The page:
Do you speak Italian? “I am more Italian than the Italians!” This is how Fr Luke, a parish priest, introduced himself. He is a Franciscan ministering on the islands of Rhodes and Kos. And indeed when speaking to Father Luke I noticed he has all the typical ways of native Italian speakers: the gift of gab, lively gesticulation, pleasant facial expressions, and the floodgates open when I inquire about his mission to refugees, quite the contrary of that stereotypical reserved, somewhat impassive manner of the British. Yet Fr Luke Gregory really is English, born 62 years ago in Sheffield, the cradle of the industrial revolution in South Yorkshire, just above the Midlands.
What is an English Franciscan doing in Rhodes? “Actually, I belong to the Custody of the Holy Land, whose jurisdiction has always, as is well known, also extended into some areas bordering the land of Jesus, such as Rhodes. I arrived here somewhat by chance”, he says, “after having served in Jerusalem and Bethlehem, and from obedience, I have been here for many years now. Perhaps because originally I too come from an island, but I felt at home right away on this island, and today, I’ll tell you: I could not imagine myself elsewhere”.
For many years many people have looked toward the beauty of Rhodes: “Fr Luke is an extraordinary person, you’ll see”. And in fact, from our first contact I could see the prediction was spot-on. If you expect to find a missionary who sadly tells you about the many tribulations of the poor people he helps, you will be disappointed. Fr Luke has the extraordinary ability to navigate between true pain and despair while maintaining an approach that is always positive, full of hope and good will, joyful in the Franciscan sense. And his character is certainly the most important element of the charity that he dispenses with both hands. “Yes, I bring them a lot of things they need to live” — he says, speaking of the refugees — “but what makes them happier and more grateful is that I spend time with them, listen to them, talk to them, offer them a word of hope. It is important to understand that the first and most difficult thing a refugee has to suffer is loneliness, the feeling of strangeness you feel when you are in a land that is not your own. Far from your home, from your birthplace”.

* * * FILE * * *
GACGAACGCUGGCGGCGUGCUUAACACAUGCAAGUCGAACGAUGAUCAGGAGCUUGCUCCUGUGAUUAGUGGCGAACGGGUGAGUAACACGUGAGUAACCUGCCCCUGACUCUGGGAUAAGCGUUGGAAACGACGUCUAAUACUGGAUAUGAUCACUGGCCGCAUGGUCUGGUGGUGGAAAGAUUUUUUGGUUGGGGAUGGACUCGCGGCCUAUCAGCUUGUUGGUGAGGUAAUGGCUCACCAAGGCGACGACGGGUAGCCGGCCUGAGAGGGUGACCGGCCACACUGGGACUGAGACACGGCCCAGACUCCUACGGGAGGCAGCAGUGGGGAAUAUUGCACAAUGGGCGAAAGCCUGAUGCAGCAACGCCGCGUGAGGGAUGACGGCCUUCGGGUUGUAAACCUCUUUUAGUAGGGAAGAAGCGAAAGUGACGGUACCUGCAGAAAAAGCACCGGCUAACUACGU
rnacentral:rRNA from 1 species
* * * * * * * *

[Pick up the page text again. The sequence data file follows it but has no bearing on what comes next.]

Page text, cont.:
But tell us a little of your life before, Fr Luke. “I went to school in Sheffield, where I learned to love the classic Greek and Latin languages and cultures. I never would have imagined that my love for ancient Greek would one day be useful, living on a Greek island full of history. I then moved to London for university; I enrolled at the prestigious King’s College. But before I began university, as a gap year, I decided to take a course in Applied Social Science. It was a course that included a lot of field experience, so I found myself coming to know for the first time in my life many marginal realities that I did not even imagine existed. The homeless, the sick, various forms of addiction, contact with a world that touched and changed me deeply. While continuing my classical studies with a passion, I realized that my life was beginning to take an unexpected path, that of a vocation at the service of the poor, the discarded, the least. Galeotto was on a pilgrimage accompanying the sick to Lourdes. There”, Fr Luke continues, “I met a Franciscan friar who fascinated me very much, telling me about the ‘fifth Gospel’: the Land of Jesus. So I went to Jerusalem and there I discovered the link between my passion for the ancient world, the historical truth of Kerygma, and life dedicated to others. I found myself naturally, so to speak, a Franciscan novice in Ein Karen, the village of the Baptist; and then in Jerusalem to study theology.
I spent some very happy years in the Holy Land; I was a cantor at the Holy Sepulchre, a secretary of the Custody, and then in Bethlehem during the very difficult time of the second Intifada. I lived the beauty of the ancient liturgies at the Holy Sepulchre, but also the terrible aspects of human suffering in the Occupied Territories”. As we talk, Fr Luke walks around the friary garden proudly showing me his crops. “Here there were some beautiful roses. I took them out and now there are these, which are even more beautiful”, and he shows me a row of zucchini, tomatoes, lettuce, eggplants. “Refugees need food more than roses! And then, I must tell you, I am an enthusiastic supporter of Pope Francis’ Laudato Si’ . Here you will find ecology in practice: we recycle everything; we preserve water and energy; we don’t use plastic; we have our animals; we go almost everywhere on foot”.